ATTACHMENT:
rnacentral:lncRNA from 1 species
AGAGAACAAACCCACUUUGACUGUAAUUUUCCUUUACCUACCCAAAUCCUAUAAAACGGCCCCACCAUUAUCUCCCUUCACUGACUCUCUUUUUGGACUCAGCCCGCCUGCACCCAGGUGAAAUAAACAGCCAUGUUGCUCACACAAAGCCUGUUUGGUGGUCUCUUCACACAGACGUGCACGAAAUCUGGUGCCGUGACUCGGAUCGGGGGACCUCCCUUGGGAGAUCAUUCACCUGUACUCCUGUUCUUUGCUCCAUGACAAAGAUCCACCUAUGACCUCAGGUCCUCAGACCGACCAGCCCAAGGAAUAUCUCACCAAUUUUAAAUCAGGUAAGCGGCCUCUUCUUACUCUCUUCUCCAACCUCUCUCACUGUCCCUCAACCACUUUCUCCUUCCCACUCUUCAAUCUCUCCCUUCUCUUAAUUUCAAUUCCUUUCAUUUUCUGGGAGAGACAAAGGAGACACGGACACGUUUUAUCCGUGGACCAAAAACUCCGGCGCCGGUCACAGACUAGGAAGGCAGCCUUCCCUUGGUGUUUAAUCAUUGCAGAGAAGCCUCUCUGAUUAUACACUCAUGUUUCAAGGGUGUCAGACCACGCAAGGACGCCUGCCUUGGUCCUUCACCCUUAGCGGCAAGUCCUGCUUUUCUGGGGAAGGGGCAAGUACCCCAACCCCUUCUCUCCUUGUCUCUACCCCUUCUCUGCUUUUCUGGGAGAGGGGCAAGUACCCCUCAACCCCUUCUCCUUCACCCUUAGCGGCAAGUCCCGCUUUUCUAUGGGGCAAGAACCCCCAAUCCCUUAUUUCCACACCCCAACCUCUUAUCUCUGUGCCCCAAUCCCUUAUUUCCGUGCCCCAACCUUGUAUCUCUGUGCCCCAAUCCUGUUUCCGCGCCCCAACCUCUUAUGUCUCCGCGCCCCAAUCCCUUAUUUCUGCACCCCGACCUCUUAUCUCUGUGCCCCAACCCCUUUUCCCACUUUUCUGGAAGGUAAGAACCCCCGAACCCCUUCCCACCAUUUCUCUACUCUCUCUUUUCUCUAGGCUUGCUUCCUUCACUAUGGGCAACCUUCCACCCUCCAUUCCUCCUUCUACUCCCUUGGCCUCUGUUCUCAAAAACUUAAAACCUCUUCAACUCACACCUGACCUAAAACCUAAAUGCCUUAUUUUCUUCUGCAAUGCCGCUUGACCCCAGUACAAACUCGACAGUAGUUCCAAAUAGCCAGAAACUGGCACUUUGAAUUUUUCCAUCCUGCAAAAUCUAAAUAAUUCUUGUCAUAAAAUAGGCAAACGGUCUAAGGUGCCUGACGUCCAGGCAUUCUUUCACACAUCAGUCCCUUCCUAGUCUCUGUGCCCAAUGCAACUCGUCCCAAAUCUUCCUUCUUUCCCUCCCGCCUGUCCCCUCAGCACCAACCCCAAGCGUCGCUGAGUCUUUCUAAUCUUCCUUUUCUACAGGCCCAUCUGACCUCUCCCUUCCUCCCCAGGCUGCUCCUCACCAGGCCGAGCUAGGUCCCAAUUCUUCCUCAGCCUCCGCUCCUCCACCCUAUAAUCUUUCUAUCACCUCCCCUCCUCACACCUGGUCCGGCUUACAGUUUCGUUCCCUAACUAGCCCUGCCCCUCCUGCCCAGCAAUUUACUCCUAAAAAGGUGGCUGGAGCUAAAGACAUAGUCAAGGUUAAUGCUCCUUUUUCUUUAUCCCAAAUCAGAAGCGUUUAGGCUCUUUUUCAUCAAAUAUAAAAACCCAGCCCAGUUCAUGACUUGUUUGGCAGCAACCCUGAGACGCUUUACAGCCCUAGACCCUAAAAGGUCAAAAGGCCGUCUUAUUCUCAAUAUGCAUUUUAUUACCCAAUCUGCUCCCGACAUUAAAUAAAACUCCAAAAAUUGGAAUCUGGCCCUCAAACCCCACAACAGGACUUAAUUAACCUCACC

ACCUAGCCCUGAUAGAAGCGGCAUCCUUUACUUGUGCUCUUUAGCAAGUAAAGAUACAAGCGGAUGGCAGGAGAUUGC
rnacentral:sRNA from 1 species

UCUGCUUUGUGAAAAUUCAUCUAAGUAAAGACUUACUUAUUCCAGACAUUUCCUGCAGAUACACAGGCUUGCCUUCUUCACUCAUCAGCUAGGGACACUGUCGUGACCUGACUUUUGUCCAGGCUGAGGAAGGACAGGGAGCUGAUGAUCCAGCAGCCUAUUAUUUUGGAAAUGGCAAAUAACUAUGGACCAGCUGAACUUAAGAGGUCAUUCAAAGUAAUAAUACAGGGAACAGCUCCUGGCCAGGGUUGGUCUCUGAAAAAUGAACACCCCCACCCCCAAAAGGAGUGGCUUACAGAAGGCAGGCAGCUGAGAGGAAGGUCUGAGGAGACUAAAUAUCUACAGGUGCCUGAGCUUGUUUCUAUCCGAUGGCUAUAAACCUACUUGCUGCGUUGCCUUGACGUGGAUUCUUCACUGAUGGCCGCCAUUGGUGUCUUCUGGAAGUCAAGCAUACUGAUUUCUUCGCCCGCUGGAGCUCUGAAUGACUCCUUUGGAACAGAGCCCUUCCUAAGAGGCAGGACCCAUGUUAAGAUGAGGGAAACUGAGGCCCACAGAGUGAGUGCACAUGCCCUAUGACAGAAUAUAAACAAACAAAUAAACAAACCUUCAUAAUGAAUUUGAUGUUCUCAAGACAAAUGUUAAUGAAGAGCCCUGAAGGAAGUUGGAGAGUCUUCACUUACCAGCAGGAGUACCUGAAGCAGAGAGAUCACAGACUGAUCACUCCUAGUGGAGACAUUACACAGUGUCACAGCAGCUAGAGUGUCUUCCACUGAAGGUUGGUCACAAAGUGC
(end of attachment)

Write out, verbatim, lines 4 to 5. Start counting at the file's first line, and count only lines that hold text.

rnacentral:sRNA from 1 species

UCUGCUUUGUGAAAAUUCAUCUAAGUAAAGACUUACUUAUUCCAGACAUUUCCUGCAGAUACACAGGCUUGCCUUCUUCACUCAUCAGCUAGGGACACUGUCGUGACCUGACUUUUGUCCAGGCUGAGGAAGGACAGGGAGCUGAUGAUCCAGCAGCCUAUUAUUUUGGAAAUGGCAAAUAACUAUGGACCAGCUGAACUUAAGAGGUCAUUCAAAGUAAUAAUACAGGGAACAGCUCCUGGCCAGGGUUGGUCUCUGAAAAAUGAACACCCCCACCCCCAAAAGGAGUGGCUUACAGAAGGCAGGCAGCUGAGAGGAAGGUCUGAGGAGACUAAAUAUCUACAGGUGCCUGAGCUUGUUUCUAUCCGAUGGCUAUAAACCUACUUGCUGCGUUGCCUUGACGUGGAUUCUUCACUGAUGGCCGCCAUUGGUGUCUUCUGGAAGUCAAGCAUACUGAUUUCUUCGCCCGCUGGAGCUCUGAAUGACUCCUUUGGAACAGAGCCCUUCCUAAGAGGCAGGACCCAUGUUAAGAUGAGGGAAACUGAGGCCCACAGAGUGAGUGCACAUGCCCUAUGACAGAAUAUAAACAAACAAAUAAACAAACCUUCAUAAUGAAUUUGAUGUUCUCAAGACAAAUGUUAAUGAAGAGCCCUGAAGGAAGUUGGAGAGUCUUCACUUACCAGCAGGAGUACCUGAAGCAGAGAGAUCACAGACUGAUCACUCCUAGUGGAGACAUUACACAGUGUCACAGCAGCUAGAGUGUCUUCCACUGAAGGUUGGUCACAAAGUGC